‘I will never forgive them… I cannot’
“I was almost left for dead… but I was only unconscious,” said Nusrat Jehan, who lived in JP Nagar, one of the worst-affected areas in the Bhopal gas tragedy.bhopal Updated: Jun 09, 2010 00:14 IST
“I was almost left for dead… but I was only unconscious,” said Nusrat Jehan, who lived in JP Nagar, one of the worst-affected areas in the Bhopal gas tragedy.
A doctor arrived and took her to a hospital. She was only 18 then. “But my sister, 16-year-old Ishrat, died in my arms.”
Ishrat Jehan was buried the next morning. But there was more to come. Her father Sheikh Bashir (45) and mother Chandni Bi (40), and her other sisters, Kishwar Jehan and Farhat, died within 24 hours of the lethal leak, leaving young Nusrat shattered.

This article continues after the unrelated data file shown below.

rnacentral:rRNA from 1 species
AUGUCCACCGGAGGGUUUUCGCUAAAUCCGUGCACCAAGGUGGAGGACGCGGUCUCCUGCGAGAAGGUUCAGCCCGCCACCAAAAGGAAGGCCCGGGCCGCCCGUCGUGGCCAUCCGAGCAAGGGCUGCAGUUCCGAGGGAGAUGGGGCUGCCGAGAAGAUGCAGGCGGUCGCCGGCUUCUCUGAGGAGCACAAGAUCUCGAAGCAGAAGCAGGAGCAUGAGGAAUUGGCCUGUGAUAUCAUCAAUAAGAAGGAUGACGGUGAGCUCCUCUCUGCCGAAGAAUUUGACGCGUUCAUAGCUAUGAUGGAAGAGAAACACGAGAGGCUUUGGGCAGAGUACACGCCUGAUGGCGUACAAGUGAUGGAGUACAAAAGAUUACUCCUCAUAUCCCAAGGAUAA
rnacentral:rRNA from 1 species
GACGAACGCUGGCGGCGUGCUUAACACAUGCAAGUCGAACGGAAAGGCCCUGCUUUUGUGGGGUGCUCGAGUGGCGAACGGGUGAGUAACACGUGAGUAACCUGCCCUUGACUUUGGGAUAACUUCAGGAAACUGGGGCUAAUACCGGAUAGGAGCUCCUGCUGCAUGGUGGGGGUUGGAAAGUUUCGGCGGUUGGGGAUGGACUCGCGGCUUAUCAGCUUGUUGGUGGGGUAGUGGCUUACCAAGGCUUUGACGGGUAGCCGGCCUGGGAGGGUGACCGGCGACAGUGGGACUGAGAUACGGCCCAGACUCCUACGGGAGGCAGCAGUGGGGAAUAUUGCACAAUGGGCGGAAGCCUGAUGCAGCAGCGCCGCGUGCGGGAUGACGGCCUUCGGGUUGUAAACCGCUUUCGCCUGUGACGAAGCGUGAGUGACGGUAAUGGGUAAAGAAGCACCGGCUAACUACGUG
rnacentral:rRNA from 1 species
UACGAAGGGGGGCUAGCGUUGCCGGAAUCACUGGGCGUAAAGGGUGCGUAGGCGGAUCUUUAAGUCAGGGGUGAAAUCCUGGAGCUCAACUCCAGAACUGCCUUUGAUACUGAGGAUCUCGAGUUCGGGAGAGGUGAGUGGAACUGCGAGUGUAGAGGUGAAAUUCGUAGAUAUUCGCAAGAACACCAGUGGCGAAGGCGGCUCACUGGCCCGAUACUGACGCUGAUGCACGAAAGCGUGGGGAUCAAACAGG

She could not even attend the last rites of her family members because she was in a hospital.
“Members of a Jamaat (association) that arrived on the ill-fated day in the mosque performed the last rites of my parents and sisters as their bodies were left abandoned in the absence of any relatives,” Nusrat said.
She had a harrowing time struggling to cope with the sudden loss of her family. “But I have to thank my aunt Shahjehan Bi. She had lost her brother in the tragedy, but she gave me all the emotional support I needed at that time.”
Some years later, Nusrat married her aunt’s son Azimul Rehman. But the adverse effects of exposure to the toxic methyl isocyanate ensured that she suffered miscarriages.
Several miscarriages later, Nusrat has two children — Nazma and Uzma. But December 3, 1984 continues to haunt her.
“If they (Union Carbide executives) had undergone the same ordeal as we did over the years, they would have understood the gravity of the disaster,” she said angrily.
Twenty-years have passed. “But I will never forgive them… I can’t.”